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28 minutes ago, mererdog said:

Think about humor.

You don't make a decision to find things funny, you simply react to things, finding some things to be funny. Those reactions are largely shaped by your prior experiences, on a level well below the conscious- and also by the hormones that shape your mood. This is why we often laugh when we don't want to, or even when doing so is inconvenient or even dangerous. Belief seems to be very similar.

We don't seem to be wired to believe certain ways, our beliefs just seem to be more or less beyond our control. Something that happens to us rather than something we do. We "become convinced" rather than "deciding to be convinced." If this is true, it means it is as patently unfair to fault someone for a bad belief as it is to fault someone for having a broken leg. It also means that avoiding bad beliefs is reason to feel fortunate, not reason to brag.

EXCELLENT... totally new-to-me concept.... but amazingly rich... clears up more than a couple of issues I have pondered over for years ... btw.... REALLY good explanation 

 

Since I am currently enrolled at the university..and obviously did not get anywhere near these concepts my last two stints in college...would this fall into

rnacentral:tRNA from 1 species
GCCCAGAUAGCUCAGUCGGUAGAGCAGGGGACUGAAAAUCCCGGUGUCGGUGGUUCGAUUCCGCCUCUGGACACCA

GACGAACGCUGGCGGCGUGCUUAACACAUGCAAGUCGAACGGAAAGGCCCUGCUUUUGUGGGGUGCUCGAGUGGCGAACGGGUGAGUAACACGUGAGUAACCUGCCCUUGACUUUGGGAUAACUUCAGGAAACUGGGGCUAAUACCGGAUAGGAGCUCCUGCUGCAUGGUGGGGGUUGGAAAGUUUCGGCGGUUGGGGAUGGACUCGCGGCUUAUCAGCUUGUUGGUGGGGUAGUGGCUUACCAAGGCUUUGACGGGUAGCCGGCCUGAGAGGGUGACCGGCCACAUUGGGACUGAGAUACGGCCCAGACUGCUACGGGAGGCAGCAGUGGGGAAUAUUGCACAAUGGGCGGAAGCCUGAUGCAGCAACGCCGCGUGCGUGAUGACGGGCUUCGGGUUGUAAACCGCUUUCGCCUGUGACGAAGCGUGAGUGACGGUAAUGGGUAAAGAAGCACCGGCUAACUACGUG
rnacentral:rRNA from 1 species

psychology ( I am lining up my course load for next semester) ( I am enjoying taking courses completely new to me)

 

I am dazzled with this concept 

thx 

von 

 

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40 minutes ago, mererdog said:

Think about humor.

You don't make a decision to find things funny, you simply react to things, finding some things to be funny. Those reactions are largely shaped by your prior experiences, on a level well below the conscious- and also by the hormones that shape your mood. This is why we often laugh when we don't want to, or even when doing so is inconvenient or even dangerous. Belief seems to be very similar.

We don't seem to be wired to believe certain ways, our beliefs just seem to be more or less beyond our control. Something that happens to us rather than something we do. We "become convinced" rather than "deciding to be convinced." If this is true, it means it is as patently unfair to fault someone for a bad belief as it is to fault someone for having a broken leg. It also means that avoiding bad beliefs is reason to feel fortunate, not reason to brag.

Seems we are moving to a free will dicussion.

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2 hours ago, Dan56 said:

 

When I say that I'm put-off by religion, I simply mean that I oppose Catholicism, Pentecostalism, etc.. I simply agree and believe with what Christ taught, and that doesn't need defending.. I don't know why that angers you? 

Pete is articulate and needs no help from me... and I think wisely walked away.

 

I will address this only for myself.

 

i have long believed Jesus would not approve of many churches carrying his name.   They are not anywhere close to the message if Jesus.

 

Many people are hurt horribly by trust given to authority and they leave feeling betrayed.  (I am not referring to Pete or myself)... but it is real and damaging ( and not unique to Christianity)

 

your premise that the message of Christ